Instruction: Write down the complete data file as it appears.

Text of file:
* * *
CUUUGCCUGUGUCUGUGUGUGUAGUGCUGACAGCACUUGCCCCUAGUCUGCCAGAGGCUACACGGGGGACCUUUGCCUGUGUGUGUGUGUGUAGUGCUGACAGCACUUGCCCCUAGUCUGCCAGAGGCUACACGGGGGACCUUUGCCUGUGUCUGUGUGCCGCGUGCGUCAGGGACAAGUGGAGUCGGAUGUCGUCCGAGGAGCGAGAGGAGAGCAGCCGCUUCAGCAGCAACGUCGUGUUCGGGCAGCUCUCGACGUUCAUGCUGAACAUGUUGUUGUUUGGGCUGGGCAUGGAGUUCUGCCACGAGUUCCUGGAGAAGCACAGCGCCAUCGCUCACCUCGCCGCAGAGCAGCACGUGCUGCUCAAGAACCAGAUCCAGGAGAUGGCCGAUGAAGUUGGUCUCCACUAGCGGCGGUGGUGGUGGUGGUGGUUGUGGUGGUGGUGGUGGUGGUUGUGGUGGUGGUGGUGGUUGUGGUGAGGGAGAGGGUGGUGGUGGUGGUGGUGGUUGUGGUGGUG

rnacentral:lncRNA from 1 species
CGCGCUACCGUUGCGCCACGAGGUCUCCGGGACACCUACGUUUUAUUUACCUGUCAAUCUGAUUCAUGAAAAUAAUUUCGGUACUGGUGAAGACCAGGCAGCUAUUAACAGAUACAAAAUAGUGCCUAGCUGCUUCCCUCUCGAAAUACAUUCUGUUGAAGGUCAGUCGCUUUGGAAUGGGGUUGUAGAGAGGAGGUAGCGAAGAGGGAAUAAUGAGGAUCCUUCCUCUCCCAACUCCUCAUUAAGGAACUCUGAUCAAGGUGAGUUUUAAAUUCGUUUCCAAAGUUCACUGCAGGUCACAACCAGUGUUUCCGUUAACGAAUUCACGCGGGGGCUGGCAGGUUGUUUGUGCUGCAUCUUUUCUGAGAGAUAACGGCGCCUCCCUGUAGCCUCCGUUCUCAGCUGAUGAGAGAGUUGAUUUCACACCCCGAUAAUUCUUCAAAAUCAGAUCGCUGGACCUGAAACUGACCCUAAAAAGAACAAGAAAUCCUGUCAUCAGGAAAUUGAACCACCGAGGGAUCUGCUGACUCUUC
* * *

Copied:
CUUUGCCUGUGUCUGUGUGUGUAGUGCUGACAGCACUUGCCCCUAGUCUGCCAGAGGCUACACGGGGGACCUUUGCCUGUGUGUGUGUGUGUAGUGCUGACAGCACUUGCCCCUAGUCUGCCAGAGGCUACACGGGGGACCUUUGCCUGUGUCUGUGUGCCGCGUGCGUCAGGGACAAGUGGAGUCGGAUGUCGUCCGAGGAGCGAGAGGAGAGCAGCCGCUUCAGCAGCAACGUCGUGUUCGGGCAGCUCUCGACGUUCAUGCUGAACAUGUUGUUGUUUGGGCUGGGCAUGGAGUUCUGCCACGAGUUCCUGGAGAAGCACAGCGCCAUCGCUCACCUCGCCGCAGAGCAGCACGUGCUGCUCAAGAACCAGAUCCAGGAGAUGGCCGAUGAAGUUGGUCUCCACUAGCGGCGGUGGUGGUGGUGGUGGUUGUGGUGGUGGUGGUGGUGGUUGUGGUGGUGGUGGUGGUUGUGGUGAGGGAGAGGGUGGUGGUGGUGGUGGUGGUUGUGGUGGUG

rnacentral:lncRNA from 1 species
CGCGCUACCGUUGCGCCACGAGGUCUCCGGGACACCUACGUUUUAUUUACCUGUCAAUCUGAUUCAUGAAAAUAAUUUCGGUACUGGUGAAGACCAGGCAGCUAUUAACAGAUACAAAAUAGUGCCUAGCUGCUUCCCUCUCGAAAUACAUUCUGUUGAAGGUCAGUCGCUUUGGAAUGGGGUUGUAGAGAGGAGGUAGCGAAGAGGGAAUAAUGAGGAUCCUUCCUCUCCCAACUCCUCAUUAAGGAACUCUGAUCAAGGUGAGUUUUAAAUUCGUUUCCAAAGUUCACUGCAGGUCACAACCAGUGUUUCCGUUAACGAAUUCACGCGGGGGCUGGCAGGUUGUUUGUGCUGCAUCUUUUCUGAGAGAUAACGGCGCCUCCCUGUAGCCUCCGUUCUCAGCUGAUGAGAGAGUUGAUUUCACACCCCGAUAAUUCUUCAAAAUCAGAUCGCUGGACCUGAAACUGACCCUAAAAAGAACAAGAAAUCCUGUCAUCAGGAAAUUGAACCACCGAGGGAUCUGCUGACUCUUC